MacSharry History, Family Crest & Coats of Arms
- Origins Available:
The original Gaelic form of MacSharry was O Foghladha, derived from the word "foghladha," which means "plunderer." 
Early Origins of the MacSharry family
The surname MacSharry was first found in Waterford (Irish: Port Láirge), anciently the Deise region, on the South coast of Ireland in the Province of Munster, in southern Ireland where they held a family seat from very ancient times.
Early History of the MacSharry family
This web page shows only a small excerpt of our MacSharry research. Another 131 words (9 lines of text) covering the years 1131, 1580, 1657, 1617, 1677, 1659, 1677, 1624, 1676, 1651, 1702, 1644, 1699, 1695, 1699, 1655, 1695, 1673, 1733, 1694 and 1712 are included under the topic Early MacSharry History in all our PDF Extended History products and printed products wherever possible.
MacSharry Spelling Variations
Many spelling variations of the surname MacSharry can be found in the archives. One reason for these variations is that ancient scribes and church officials recorded names as they were pronounced, often resulting in a single person being recorded under several different spellings. The different spellings that were found include Foley, MacSharry, Foaley, Foli, Fooley, Sharry, Sharrie, McSharry, MacSharey, McSharey, Foalie, Foolie, Fowlie and many more.
Early Notables of the MacSharry family (pre 1700)
Notable among the family name at this time was Richard Foley (1580-1657), English ironmaster, best known from the folktale of "Fiddler Foley"; Thomas Foley (1617-1677), an English ironmaster and politician who sat in the House of Commons between 1659 and 1677; Robert Foley (1624-1676), of Stourbridge, regarded as the most important ironmaster of his time in the west Midlands; and his son...
Another 61 words (4 lines of text) are included under the topic Early MacSharry Notables in all our PDF Extended History products and printed products wherever possible.
Migration of the MacSharry family
Irish families left their homeland in astonishing numbers during the 19th century in search of a better life. Although individual reasons vary, most of these Irish families suffered from extreme poverty, lack of work opportunities, and exorbitant rents in their homeland. Many decided to travel to Australia or North America in the hopes of finding greater opportunities and land. The Irish immigrants that came to North America initially settled on the East Coast, often in major centers such as Boston or New York. But like the many other cultures to settle in North America, the Irish traveled to almost any region they felt held greater promise; as a result, many Irish with gold fever moved all the way out to the Pacific coast. Others before that time left for land along the St. Lawrence River and the Niagara Peninsula, or the Maritimes as United Empire Loyalists, for many Irish did choose to side with the English during the American War of Independence. The earliest wave of Irish migration, however, occurred during the Great Potato Famine of the 1840s. An examination of early immigration and passenger lists has revealed many people bearing the MacSharry name: Bryan Foley who purchased land in Virginia in 1714; followed by James Foley in 1770; the Foleys also settled in Georgia, Pennsylvania and Massachusetts.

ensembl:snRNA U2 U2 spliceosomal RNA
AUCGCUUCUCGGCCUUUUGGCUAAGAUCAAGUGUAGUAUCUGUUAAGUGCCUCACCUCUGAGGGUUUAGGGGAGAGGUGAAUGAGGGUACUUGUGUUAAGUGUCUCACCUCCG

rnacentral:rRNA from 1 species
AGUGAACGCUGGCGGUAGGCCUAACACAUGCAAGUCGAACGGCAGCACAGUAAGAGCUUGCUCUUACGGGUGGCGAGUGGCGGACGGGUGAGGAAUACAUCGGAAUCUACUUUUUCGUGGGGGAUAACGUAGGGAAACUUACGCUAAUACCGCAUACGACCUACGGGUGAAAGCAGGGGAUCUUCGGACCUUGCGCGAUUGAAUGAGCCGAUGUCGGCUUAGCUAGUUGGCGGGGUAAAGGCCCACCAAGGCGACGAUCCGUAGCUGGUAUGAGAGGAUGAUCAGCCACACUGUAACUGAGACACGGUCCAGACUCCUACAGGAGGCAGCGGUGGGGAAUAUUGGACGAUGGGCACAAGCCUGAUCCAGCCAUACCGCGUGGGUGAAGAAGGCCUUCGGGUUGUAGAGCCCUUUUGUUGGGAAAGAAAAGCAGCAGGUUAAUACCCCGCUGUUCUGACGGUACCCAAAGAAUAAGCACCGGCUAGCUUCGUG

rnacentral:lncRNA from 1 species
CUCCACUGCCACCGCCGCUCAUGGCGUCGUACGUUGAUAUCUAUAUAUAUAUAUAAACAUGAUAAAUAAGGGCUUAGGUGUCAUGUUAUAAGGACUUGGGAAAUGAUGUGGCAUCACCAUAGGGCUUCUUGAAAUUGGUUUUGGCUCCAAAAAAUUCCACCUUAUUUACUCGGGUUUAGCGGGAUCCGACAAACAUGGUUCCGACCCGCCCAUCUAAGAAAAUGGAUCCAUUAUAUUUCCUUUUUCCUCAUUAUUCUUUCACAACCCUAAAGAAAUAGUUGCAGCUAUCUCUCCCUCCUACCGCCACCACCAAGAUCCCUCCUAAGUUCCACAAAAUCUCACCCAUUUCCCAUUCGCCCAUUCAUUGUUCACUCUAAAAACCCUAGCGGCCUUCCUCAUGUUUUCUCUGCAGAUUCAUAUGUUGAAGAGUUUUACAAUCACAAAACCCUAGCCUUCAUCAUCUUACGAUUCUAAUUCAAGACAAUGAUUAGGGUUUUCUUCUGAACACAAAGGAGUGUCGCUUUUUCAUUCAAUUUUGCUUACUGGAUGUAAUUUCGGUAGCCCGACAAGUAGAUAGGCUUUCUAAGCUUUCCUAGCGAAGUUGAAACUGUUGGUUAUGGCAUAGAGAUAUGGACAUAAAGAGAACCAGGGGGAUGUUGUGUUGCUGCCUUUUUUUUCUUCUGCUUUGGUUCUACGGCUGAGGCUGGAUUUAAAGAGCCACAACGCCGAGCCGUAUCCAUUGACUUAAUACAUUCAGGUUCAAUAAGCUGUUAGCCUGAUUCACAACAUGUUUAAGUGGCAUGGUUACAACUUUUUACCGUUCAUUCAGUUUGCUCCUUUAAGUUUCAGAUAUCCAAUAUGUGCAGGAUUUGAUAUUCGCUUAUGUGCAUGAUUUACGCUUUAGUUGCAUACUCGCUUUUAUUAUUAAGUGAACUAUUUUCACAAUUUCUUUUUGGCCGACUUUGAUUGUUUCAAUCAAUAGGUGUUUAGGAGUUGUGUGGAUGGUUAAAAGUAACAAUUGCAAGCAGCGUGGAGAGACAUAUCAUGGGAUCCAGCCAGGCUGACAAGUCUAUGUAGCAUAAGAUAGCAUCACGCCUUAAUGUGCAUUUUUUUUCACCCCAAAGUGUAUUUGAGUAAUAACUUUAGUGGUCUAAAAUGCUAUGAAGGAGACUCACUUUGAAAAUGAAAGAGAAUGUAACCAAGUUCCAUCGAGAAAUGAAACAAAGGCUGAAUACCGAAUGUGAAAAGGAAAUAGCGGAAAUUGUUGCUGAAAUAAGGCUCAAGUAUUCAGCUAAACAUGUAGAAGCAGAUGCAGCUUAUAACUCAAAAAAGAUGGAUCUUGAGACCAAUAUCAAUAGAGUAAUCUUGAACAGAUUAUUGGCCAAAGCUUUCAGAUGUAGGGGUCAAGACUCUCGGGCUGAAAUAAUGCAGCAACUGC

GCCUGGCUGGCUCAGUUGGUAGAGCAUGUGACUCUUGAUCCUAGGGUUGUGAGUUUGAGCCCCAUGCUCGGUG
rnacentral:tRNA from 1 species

Contemporary Notables of the name MacSharry (post 1700) +
- Marc MacSharry (b. 1973), Irish Fianna Fáil politician, member of Dáil Éireann (2016-)
- Raymond "Ray" MacSharry (b. 1938), former Irish Fianna Fáil politician, European Commissioner for Agriculture and Rural Development (1989-1993)
Related Stories +
The MacSharry Motto +
The motto was originally a war cry or slogan. Mottoes first began to be shown with arms in the 14th and 15th centuries, but were not in general use until the 17th century. Thus the oldest coats of arms generally do not include a motto. Mottoes seldom form part of the grant of arms: Under most heraldic authorities, a motto is an optional component of the coat of arms, and can be added to or changed at will; many families have chosen not to display a motto.
Motto: Ut prosim
Motto Translation: That I may be of use.
- ^ Smith, Eldson Coles, New Dictionary of American Family Names New York: Harper & Row, 1956. Print